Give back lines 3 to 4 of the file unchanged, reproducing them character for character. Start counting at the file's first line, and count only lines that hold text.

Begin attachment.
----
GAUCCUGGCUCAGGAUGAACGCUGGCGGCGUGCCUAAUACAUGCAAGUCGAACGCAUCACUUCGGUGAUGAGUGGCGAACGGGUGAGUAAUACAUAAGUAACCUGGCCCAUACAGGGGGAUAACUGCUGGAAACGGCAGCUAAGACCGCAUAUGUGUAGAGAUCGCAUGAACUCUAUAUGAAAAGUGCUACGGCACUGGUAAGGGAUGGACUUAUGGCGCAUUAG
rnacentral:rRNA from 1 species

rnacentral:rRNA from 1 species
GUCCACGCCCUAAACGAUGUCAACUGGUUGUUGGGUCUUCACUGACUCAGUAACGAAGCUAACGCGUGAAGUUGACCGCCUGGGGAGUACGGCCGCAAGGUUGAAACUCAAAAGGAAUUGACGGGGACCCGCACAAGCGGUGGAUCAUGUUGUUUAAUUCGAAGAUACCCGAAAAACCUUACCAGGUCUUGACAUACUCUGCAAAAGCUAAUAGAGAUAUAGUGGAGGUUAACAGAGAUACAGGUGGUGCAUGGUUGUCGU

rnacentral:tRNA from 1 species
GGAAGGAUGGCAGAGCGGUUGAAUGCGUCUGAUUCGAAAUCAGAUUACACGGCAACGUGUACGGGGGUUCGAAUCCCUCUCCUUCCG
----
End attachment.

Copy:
rnacentral:rRNA from 1 species
GUCCACGCCCUAAACGAUGUCAACUGGUUGUUGGGUCUUCACUGACUCAGUAACGAAGCUAACGCGUGAAGUUGACCGCCUGGGGAGUACGGCCGCAAGGUUGAAACUCAAAAGGAAUUGACGGGGACCCGCACAAGCGGUGGAUCAUGUUGUUUAAUUCGAAGAUACCCGAAAAACCUUACCAGGUCUUGACAUACUCUGCAAAAGCUAAUAGAGAUAUAGUGGAGGUUAACAGAGAUACAGGUGGUGCAUGGUUGUCGU